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Digital innovations may help in agricultural challenges

Smallholder farmers produce around 80 per cent of the food consumed in Sub-Saharan Africa.

How might IoT innovations develop to respond to their needs?

They are confronted with challenges such as decreasing plot sizes, hostile environments (through drought, flood or soil erosion), unstable markets and the scarcity of water and energy.

For many these problems are likely to intensify in the coming years and decades.IoT innovations may offer viable solutions in some of these areas.

Internet of Things (IoT) is the communication and networking of  internet connected devices for purposes of exchanging information,for example from a device in the green house to the farmers  mobile device (phone).IoT then facilitates the collection and use of data.

Dependence on rain-fed agriculture coupled with the erratic cycles of drought and floods contribute the highest to instances of crop failure and poor yields among smallholder farmers. Technology service providers have in the recent past trained their sights on the country’s agriculture sector as prime for disruption through the latest in digital technologies.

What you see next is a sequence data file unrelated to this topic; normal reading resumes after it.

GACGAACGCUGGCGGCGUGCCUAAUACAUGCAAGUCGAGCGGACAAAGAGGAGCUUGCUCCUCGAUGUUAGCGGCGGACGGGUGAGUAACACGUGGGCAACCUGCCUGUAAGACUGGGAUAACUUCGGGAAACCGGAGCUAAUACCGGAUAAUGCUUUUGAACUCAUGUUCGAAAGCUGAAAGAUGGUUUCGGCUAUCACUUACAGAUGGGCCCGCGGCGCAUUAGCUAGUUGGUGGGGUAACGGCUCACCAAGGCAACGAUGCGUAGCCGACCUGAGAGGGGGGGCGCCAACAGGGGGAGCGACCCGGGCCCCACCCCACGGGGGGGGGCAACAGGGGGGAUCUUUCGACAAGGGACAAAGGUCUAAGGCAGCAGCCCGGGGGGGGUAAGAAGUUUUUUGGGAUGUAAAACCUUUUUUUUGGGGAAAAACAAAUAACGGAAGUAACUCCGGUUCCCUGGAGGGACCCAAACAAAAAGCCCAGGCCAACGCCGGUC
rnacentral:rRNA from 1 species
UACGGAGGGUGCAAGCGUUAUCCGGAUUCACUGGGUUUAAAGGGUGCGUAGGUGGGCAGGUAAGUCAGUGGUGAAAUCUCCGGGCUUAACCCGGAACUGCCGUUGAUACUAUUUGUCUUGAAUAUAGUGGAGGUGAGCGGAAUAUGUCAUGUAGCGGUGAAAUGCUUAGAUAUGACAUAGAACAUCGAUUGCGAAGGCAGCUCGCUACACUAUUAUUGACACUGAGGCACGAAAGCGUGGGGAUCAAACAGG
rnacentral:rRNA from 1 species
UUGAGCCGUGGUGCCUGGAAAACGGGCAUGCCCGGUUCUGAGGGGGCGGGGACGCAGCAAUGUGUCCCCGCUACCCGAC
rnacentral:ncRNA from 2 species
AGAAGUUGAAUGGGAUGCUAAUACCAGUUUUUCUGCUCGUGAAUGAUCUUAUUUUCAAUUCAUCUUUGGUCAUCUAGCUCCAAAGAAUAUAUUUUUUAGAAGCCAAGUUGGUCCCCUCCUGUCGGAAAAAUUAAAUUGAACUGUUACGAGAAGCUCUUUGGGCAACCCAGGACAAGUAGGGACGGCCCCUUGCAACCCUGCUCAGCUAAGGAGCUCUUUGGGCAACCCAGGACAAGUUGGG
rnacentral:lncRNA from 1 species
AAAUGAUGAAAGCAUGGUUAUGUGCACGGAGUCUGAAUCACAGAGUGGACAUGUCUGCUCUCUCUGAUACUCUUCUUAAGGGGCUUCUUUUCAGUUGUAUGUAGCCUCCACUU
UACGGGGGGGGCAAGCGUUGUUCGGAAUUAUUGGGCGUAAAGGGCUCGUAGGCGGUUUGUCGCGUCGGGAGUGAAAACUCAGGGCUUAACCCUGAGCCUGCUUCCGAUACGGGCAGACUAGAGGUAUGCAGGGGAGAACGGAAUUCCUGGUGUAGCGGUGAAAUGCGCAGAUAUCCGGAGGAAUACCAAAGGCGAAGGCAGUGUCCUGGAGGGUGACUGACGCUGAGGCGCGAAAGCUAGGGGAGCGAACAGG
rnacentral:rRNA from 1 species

For instance, technologies that can predict weather and analyze data to determine the best planting time of the season.

Kenya’s rapid adoption of mobile technology and relative digital savvy population has pushed both local and international companies to explore how artificial intelligence and the internet of things (IoT) can be used to alleviate some of the inefficiencies in the agricultural sector.

While the adoption of IoT technology within the agriculture industry is still in greenfield, consumers are now smarter and more conscious of what they are consuming.

Twenty years ago, the average consumer would not have been concerned with food safety nor were there digital platforms to sell or buy  agro commodity.

With a platform connected to the cloud, farmers can  monitor vital farming processes. They can collect real-time data about planting, soil preparation, fertilizing, harvesting, and more – allowing them to better manage their farms. And with real-time data at their fingertips, they can determine the exact amount of fertilizer to apply in each section of farmland. This will result in increased productivity, the right amount of fertilizer used, and sustainable farming.